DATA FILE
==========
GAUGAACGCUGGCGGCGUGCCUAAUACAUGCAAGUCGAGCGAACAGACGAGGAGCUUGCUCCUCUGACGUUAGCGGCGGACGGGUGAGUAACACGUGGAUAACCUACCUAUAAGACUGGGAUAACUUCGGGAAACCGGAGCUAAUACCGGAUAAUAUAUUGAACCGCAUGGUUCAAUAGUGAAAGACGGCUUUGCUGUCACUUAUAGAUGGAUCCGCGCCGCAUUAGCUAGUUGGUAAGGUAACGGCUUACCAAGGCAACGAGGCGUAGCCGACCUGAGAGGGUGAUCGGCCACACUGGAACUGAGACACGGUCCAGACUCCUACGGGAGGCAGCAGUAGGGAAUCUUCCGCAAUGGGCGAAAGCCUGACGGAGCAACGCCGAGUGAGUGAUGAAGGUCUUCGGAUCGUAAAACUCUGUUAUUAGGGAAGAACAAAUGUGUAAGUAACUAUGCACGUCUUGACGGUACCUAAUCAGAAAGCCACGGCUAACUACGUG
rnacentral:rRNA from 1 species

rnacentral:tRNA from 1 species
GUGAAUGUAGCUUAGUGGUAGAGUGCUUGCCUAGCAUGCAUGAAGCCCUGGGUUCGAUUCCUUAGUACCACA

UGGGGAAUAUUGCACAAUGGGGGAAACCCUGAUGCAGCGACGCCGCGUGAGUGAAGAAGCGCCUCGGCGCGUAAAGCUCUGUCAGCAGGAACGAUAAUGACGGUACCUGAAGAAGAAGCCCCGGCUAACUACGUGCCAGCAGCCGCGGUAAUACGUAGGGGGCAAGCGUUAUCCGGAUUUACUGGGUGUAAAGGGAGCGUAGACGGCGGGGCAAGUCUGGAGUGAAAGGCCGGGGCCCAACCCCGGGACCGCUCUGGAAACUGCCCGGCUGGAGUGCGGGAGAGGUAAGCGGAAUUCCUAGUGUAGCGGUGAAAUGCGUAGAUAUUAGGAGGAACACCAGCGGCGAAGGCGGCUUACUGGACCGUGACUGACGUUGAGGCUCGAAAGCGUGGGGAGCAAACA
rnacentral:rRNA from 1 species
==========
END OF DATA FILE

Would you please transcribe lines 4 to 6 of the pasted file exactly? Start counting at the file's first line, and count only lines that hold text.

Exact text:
GUGAAUGUAGCUUAGUGGUAGAGUGCUUGCCUAGCAUGCAUGAAGCCCUGGGUUCGAUUCCUUAGUACCACA

UGGGGAAUAUUGCACAAUGGGGGAAACCCUGAUGCAGCGACGCCGCGUGAGUGAAGAAGCGCCUCGGCGCGUAAAGCUCUGUCAGCAGGAACGAUAAUGACGGUACCUGAAGAAGAAGCCCCGGCUAACUACGUGCCAGCAGCCGCGGUAAUACGUAGGGGGCAAGCGUUAUCCGGAUUUACUGGGUGUAAAGGGAGCGUAGACGGCGGGGCAAGUCUGGAGUGAAAGGCCGGGGCCCAACCCCGGGACCGCUCUGGAAACUGCCCGGCUGGAGUGCGGGAGAGGUAAGCGGAAUUCCUAGUGUAGCGGUGAAAUGCGUAGAUAUUAGGAGGAACACCAGCGGCGAAGGCGGCUUACUGGACCGUGACUGACGUUGAGGCUCGAAAGCGUGGGGAGCAAACA
rnacentral:rRNA from 1 species